HOCKENHEIM, Germany (Reuters) - Formula One world champion Lewis Hamilton prepared for the drive of his life after an hydraulics problem in qualifying left him 14th on the starting grid for Sunday’s German Grand Prix.
“I will never give in or give up. Tomorrow is a new day and as always I will drive like my life depends on it,” the Mercedes driver declared on social media after trying to push his stricken car back to the pits in a dramatic session.
“Good or bad, I will die before I give in,” said the Briton, who is eight points behind Ferrari’s Sebastian Vettel at the halfway point in the season.
The Briton crouched down next to the car after it waswheeled off the track, resting his helmeted head on the front in apparent shock.
“I’ve never seen body language like this from Lewis,” commented former team mate and 2016 champion Nico Rosberg on Sky Sports television. “This is a huge setback.”
It was also a blow for Mercedes in their home race, with the big bosses watching, as Hamilton stopped.
Team boss Toto Wolff took a phone call on the pit wall during the session, explaining later: “It was (Mercedes-Benz chief executive) Dieter Zetsche calling me and saying ‘it’s unbelievable, what just happened’.”
“Gears won’t change,” Hamilton had reported over the team radio. “Guys, I need to make it back,” he added.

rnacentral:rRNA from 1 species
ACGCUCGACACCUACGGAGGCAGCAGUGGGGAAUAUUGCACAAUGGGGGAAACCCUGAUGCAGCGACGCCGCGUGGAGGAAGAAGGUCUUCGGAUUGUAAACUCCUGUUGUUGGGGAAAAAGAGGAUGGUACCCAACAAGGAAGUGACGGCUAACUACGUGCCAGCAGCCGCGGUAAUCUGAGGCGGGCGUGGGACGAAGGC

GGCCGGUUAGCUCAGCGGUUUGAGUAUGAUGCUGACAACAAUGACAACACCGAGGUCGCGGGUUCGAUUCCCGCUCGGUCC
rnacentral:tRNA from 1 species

“Stop, stop, stop, stop,” Mercedes told him with some urgency.
Hamilton ran wide at the opening corner and across kerbs but he was adamant that had not broken the car.
“The assumption that people have made was that the bumps... was the cause of the failure, which was not the case,” he told reporters.
“When I got to the exit curve, the power steering failed... I thought I’d had a tyre failure or a track rod failure.”
Wolff agreed: “It’s always quite difficult to define cause and consequence. What we saw is that in the previous lap, running wide but completely within the boundaries of what you can do, saw some overload,” he said.
“In the next lap, going over the kerbs, a hydraulic leak caused a power steering failure. And that power steering failure made that spectacular off over the kerbs... Definitely it was not Lewis’s driving.”
The blow was the latest of several Hamilton has suffered this season.
He retired in Austria with a fuel pressure problem, ending a record run of 33 successive races in the points and losing the overall lead.
In Britain two weekends ago in front of his home fans, Hamilton went from pole position to last after tangling with Ferrari’s Kimi Raikkonen at the start but managed to fight back to second place.
The Briton has also dropped points as a result of strategy errors by Mercedes. In Bahrain he took a five-place grid penalty for an unscheduled gearbox change.
Reporting by Alan Baldwin, editing by Christian Radnedge and Pritha Sarkar